Administering the Death Penalty

Thursday, April 14, 2005

Administering the Death Penalty

Not only does our legal system have serious problems in applying the death penalty on the legal level, it appears it has problems literally applying the death penalty itself
Researchers at the University of Miami Miller School of Medicine analyzed execution protocol information from Texas and Virginia, which account for about 45 percent of executions in the United States. They found that executioners had no training in anesthesia; the drugs were administered remotely with no monitoring of the anesthesia; and there was no data collection, no documentation of anesthesia, and no post-procedure peer review.

The authors also analyzed toxicology reports from 49 prisoners executed in Arizona, Georgia, North Carolina and South Carolina. In 43 of the 49 cases, the authors found blood concentrations of the anesthetic sodium thiopental were lower than that required for surgery. In 21 cases, the concentrations were low enough to be consistent with awareness on the part of the prisoner during execution.
Why is that a problem?
The authors concluded that prisoners executed by lethal injection may have experienced awareness and unnecessary suffering as they died because they weren't properly sedated. Anesthesia during lethal injection is essential to minimize the prisoner's suffering.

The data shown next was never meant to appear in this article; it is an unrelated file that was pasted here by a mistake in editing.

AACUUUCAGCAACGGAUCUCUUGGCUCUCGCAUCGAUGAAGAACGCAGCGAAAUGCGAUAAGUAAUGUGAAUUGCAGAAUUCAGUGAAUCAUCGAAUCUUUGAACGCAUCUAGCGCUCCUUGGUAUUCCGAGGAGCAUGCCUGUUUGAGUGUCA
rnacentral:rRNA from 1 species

Lethal injection involves sequential administration of sodium thiopental for anesthesia, pancuronium bromide to induce paralysis, and then potassium chloride to stop the heart and cause death. If anesthesia wasn't used, the condemned prisoner would suffocate and experience excruciating pain without being able to move.
Since the humane nature of lethal injection was supposed to put the nation's mind at ease regarding the death penalty, perhaps those responsible for administering it should be a little more diligent in ensuring that death itself is ... you know ... actually somewhat humane.

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